Making Sense of DesignOps

Group Activity: Making Sense of DesignOps
Dave Gray

From the Design Operations Summit website:
We’ll identify the big challenges that DesignOps people face—and begin working on addressing them together in this collaborative activity. We’ll work together in small teams to design the ultimate Design Operations organization, capture learnings, and share them with each other. Facilitated by Dave Gray and the XPLANE team.

Lou has been there – is no EUX, no UX, no Information Architecture.  But things change!  We have some work to do together in the next couple of hours.  We weren’t quite ready for an XPLANATiON for Design Operations, but we thought the Canvas would be a good start.

design ops canvas beta.png

We’ll come back from the exercise and do sense-making together.  The team that put the canvas together is here, we are already seeing ways that this needs to change. He has already gotten some feedback that there aren’t enough questions about culture, for example.  But this is a beta, and we do intend to iterate and share it as it improves.

Alex Osterwalder’s book Business Model Canvas has sold over a million copies.  One of Alex’s frustrations is that there are a lot of badly designed canvasses out there.  So if the question or category is unclear (and creates churn), then it needs to be changed.  If you see that, flag it and let the facilitators know.

One of the things that Dave likes is that these tools almost self-facilitate; it makes it a lot easier for a giant group like this, because you don’t have to have too much knowledge to use it.  This canvas helps to enable the conversation, it creates some structure for discussion.

For the exercise, you will pair up with someone that you don’t know well, or you don’t know much about your organization.  Think about an organization whose Design Ops organization you like to explore, or imagine a perfect one.  Make sure you have decided whether you want to work through current state, or ideal state.  You will also have to think about the lens – UX, Design Ops, or even the broader organization.

One of you will be the consultant, one will be the client.  You are going to ask questions and work through the canvas.  The consultant would begin to ask questions, and at the end of 20-30 minutes, give the deliverable to the client.  Then switch roles.  Stay with the same person for the whole exercise, but not someone (or an organization) who you know well.  And please make sure it’s information you can share openly.  When we come back, we will ask a few pairs to share their experiences.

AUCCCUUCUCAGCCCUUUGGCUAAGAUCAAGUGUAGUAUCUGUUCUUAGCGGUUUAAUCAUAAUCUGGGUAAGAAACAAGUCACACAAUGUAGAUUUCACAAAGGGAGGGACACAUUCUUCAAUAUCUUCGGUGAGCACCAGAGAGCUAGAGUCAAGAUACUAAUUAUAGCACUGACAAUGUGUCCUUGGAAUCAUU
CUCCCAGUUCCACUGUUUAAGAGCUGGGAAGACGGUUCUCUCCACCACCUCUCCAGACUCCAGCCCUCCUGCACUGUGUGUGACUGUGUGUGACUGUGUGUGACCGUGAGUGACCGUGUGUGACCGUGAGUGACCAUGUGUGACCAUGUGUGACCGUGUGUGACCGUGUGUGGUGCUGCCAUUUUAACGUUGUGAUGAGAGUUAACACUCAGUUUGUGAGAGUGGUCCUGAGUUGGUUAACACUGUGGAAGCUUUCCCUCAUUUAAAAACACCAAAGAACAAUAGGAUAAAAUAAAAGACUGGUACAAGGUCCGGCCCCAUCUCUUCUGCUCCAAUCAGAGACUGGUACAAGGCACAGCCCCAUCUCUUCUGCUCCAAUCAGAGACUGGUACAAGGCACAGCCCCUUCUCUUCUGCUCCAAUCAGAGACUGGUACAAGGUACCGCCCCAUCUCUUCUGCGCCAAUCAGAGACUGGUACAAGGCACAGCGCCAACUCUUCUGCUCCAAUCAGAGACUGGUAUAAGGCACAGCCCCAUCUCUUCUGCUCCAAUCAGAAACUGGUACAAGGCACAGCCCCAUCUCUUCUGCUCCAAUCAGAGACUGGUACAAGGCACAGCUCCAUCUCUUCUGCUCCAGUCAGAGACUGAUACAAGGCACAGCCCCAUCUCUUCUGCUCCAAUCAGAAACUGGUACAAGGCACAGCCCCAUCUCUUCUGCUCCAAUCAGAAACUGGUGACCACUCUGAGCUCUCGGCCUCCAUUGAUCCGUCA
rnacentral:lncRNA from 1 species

The tool doesn’t feel scary the way another tool might.  It forces some synthesis.  And it can be printed large, and used for a collaborative sense-making exercise with post-its, too.

Lynn works for a small internal agency at USC, which supports other departments at the university.  She learned that our Communications are all over the map.  They use many different tools.  She is conferencing above her pay grade.  🙂  It seemed to her that on the People front, it is pretty robust – recruitment follows a lot of Russ’ practices from this morning.  They didn’t even get around to Methods.  They have a process, but clients have different levels of expertise and needs, so it’s very flexible.  She didn’t even bother to write those down.  Most of her tools are paper and pencil based, Google Docs.  Customers like playing with stuff in meetings – they do card-sorting for prioritizing, identifying tasks.  It makes it a more engaging business meeting.  They have 18K people, two hospitals, a few museums, a fire department and a childcare facility.  She could do design for a whole city now.  In terms of Constraints, they have a highly federated model – there is another internal agency that they compete with.  The university is a community of political alliances and legacy linked backend systems.  Anything they do – admissions system, scheduling systems, CRM, MailChimp – it’s a nightmare.  

Her consultant had a lot of empathy for her.  She say a lot of what Lynn was explaining in her own work world.  There is not a lot of coordination between systems, so you are left to muddle through it.  She works for American Airlines, and they have similar challenges.  They are huge, they just went through a merger.